No conviction recorded – options for keeping your criminal record clean

The implications of “no conviction recorded” on your criminal record

One of the most common enquiries that we receive from clients who have been charged with a criminal offence is whether they will have a criminal record at the conclusion of the proceeding. The recording of a conviction (a criminal record) can create difficulties and barriers in areas of employment, international travel, rental applications, and even the ability to purchase insurance policies. In some instances, it doesn’t matter what type of offence you are convicted of; a criminal record of any kind may hinder or deny significant opportunities.

Once a conviction is recorded, it is permanent, unless the conviction is “spent” or “expunged”.

Considerations for determining whether to have no conviction recorded

A court has the discretion to not record a conviction when sentencing a person who has pleaded guilty (or is found guilty) of a criminal offence. Section 12 of the Penalties and Sentences Act 1992 (Qld) details the matters that must be considered.

Matters that must be considered, amongst other things, include:

  1. the nature of the offence;
  2. the age and character of the offender;
  3. the impact that recording a conviction will have on the offender’s
    1. economic or social wellbeing; or
    2. chances of finding employment.

Nature of the offence

The general rule is that the chances of a conviction being recorded are higher if the offence is serious. Minor offences, or offences lower in scale (determined by the maximum term of imprisonment or penalty), are more likely to result in the court exercising discretion to not record a conviction.

In examining the nature of the office, the court needs to consider:

  • whether violence was used, and to what extent;
  • whether there was an abuse of trust or exploitation of another;
  • the likelihood of the offender re-offending; and
  • the type of offence (for example, sexual offences are more likely to result in a conviction being recorded).

Age and character

Those who can show a history of obedience of the law and can demonstrate continued contribution to society or their community through employment, volunteering or other means, are viewed more favorably by the court when determining whether a conviction should not be recorded. So too, young offenders or senior offenders with limited or no criminal history.

An offender with a dated or limited criminal history is more likely to persuade a court to not record a conviction than an offender with an extensive and recent criminal history.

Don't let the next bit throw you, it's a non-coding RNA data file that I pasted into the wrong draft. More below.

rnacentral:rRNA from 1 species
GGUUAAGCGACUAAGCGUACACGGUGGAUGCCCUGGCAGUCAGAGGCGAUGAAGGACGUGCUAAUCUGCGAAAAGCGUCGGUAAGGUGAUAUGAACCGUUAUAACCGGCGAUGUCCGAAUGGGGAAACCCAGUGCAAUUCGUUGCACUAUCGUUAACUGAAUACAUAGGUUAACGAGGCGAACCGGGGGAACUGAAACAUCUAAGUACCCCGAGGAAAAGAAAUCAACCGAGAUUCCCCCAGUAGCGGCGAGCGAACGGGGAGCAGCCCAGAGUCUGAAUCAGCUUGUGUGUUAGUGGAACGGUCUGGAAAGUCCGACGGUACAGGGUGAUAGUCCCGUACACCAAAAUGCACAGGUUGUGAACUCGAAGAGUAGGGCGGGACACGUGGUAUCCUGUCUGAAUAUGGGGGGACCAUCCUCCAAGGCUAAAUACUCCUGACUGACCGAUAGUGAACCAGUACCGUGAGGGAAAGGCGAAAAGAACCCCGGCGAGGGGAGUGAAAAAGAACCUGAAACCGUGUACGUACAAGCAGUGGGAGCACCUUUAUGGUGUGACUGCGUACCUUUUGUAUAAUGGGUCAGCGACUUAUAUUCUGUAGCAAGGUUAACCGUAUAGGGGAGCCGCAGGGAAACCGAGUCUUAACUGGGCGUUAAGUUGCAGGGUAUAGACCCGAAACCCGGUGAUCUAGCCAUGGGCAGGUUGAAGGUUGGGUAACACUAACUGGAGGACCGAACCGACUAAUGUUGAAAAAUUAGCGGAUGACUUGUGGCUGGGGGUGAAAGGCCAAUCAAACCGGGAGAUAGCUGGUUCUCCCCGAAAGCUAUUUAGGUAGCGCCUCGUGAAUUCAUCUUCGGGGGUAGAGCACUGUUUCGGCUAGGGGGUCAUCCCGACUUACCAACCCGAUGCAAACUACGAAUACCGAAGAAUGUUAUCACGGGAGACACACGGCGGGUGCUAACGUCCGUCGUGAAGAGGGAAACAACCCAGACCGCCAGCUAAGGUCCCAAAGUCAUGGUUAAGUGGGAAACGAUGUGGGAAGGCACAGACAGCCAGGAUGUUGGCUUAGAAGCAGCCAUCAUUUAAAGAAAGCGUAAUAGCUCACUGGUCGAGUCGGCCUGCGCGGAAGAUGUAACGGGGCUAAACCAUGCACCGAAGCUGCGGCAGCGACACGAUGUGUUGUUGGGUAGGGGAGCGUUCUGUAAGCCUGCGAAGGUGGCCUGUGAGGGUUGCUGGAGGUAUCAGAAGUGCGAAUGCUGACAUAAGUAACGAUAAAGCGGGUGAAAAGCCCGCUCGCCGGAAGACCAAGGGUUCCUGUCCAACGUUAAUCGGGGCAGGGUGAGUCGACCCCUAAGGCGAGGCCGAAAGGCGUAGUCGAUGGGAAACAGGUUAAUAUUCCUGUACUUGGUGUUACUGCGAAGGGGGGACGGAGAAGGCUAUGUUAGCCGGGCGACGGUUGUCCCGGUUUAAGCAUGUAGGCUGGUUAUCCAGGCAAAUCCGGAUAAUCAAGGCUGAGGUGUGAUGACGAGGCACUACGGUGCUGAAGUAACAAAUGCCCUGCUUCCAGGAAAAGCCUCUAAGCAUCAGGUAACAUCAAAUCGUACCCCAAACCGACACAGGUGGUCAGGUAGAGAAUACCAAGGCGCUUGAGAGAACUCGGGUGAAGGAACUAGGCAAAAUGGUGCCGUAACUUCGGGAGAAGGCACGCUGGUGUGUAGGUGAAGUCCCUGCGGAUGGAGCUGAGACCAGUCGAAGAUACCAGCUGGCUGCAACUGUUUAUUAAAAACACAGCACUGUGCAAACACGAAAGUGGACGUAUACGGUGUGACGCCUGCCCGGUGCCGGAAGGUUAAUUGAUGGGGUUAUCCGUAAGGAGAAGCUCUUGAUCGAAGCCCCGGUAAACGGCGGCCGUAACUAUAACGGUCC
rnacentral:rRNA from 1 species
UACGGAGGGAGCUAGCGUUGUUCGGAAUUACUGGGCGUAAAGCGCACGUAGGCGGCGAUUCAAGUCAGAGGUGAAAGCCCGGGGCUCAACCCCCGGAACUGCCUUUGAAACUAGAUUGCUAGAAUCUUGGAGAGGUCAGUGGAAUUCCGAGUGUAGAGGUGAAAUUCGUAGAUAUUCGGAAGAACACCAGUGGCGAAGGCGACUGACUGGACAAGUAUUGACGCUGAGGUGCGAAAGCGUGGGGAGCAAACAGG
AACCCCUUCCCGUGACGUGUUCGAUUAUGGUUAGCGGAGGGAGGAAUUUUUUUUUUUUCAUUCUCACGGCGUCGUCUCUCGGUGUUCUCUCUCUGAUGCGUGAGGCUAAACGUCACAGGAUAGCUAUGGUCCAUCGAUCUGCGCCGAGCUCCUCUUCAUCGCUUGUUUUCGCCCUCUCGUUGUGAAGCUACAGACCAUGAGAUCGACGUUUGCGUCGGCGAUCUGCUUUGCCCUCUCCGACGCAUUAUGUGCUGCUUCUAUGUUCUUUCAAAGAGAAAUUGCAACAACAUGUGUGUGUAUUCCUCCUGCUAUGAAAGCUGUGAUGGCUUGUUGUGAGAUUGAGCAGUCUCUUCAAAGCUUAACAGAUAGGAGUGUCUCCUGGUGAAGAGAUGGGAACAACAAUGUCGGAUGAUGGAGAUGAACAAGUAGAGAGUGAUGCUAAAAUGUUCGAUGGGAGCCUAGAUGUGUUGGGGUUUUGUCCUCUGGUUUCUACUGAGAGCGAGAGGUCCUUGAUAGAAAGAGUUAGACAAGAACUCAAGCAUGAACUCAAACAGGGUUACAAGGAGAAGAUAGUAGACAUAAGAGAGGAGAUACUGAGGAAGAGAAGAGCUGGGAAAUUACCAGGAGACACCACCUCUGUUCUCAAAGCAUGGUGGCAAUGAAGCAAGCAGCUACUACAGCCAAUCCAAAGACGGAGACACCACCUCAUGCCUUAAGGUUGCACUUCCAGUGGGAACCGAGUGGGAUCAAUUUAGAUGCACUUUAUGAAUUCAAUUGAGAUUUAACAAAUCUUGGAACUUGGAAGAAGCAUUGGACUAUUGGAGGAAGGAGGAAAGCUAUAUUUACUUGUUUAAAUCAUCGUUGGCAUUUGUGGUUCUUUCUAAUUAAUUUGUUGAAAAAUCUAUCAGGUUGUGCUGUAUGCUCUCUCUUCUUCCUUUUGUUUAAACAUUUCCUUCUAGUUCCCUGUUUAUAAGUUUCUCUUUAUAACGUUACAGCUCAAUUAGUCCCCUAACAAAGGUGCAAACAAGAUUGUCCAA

Employment and economic and social wellbeing

The existence of a criminal record is, as a general rule, likely to impair a person’s employment prospects. As a result, courts generally give great weight to the impact that the recording of a conviction will have on an offender’s employment and wellbeing. For the court, it is a balance of public interest (the potential public harm that might result from the courts permitting concealment of a person’s history of wrongdoing) and rehabilitation (enabling a person to continue being a productive member of society).

Simply pointing to a possible detrimental impact on future employment prospects usually won’t be enough to persuade a court not to record a conviction. You would generally need to be able to explain why and how the recording of a conviction would impact your employment and economic wellbeing.

If you are required to complete criminal record checks to work in your industry, or you work in a regulated profession (such as nursing, law or medicine) the recording of a conviction may impact your ability to either gain employment or remain employed or registered.

Do I have to disclose an offence for which no conviction was recorded?

If a conviction was not recorded, that does not mean that you may not be required to disclose it.

For example, nurses, lawyers and doctors are generally required to notify the relevant professional body of any offence for which a plea of guilty was entered, regardless of whether a conviction was recorded. You should always read the question asked of you very carefully and if you have any doubts at all about how to answer it you should seek legal advice as soon as possible.

Can I appeal the recording of a conviction?

A decision by a court to record a conviction can itself be the subject of an appeal, in addition to any penalty ordered against you. There are very short and strict time limits to commence an appeal, and you should seek legal advice immediately if you have concerns about a conviction being recorded against you.

Get help

The factors to be considered by a court in determining whether to record a conviction are wide and varied. If you’ve been charged with or convicted of a criminal offence and you need advice or assistance, you should contact the criminal law team at Hall Payne Lawyers. All of our criminal lawyers are well equipped to give you the necessary advice.

You can contact us by phone or email to arrange your consultation; either face-to-face at one of our offices, by telephone or by videoconference consultation.

Phone: 1800 659 114
Email: general@hallpayne.com.au

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  This article relates to Australian law; either at a State or Federal level.

The information contained on this site is for general guidance only. No person should act or refrain from acting on the basis of such information. Appropriate professional advice should be sought based upon your particular circumstances. For further information, please do not hesitate to contact Hall Payne Lawyers.


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Get in touch with today's blog writer:
Kris Birch

Senior Associate in Industrial & Employment Law, Criminal Law

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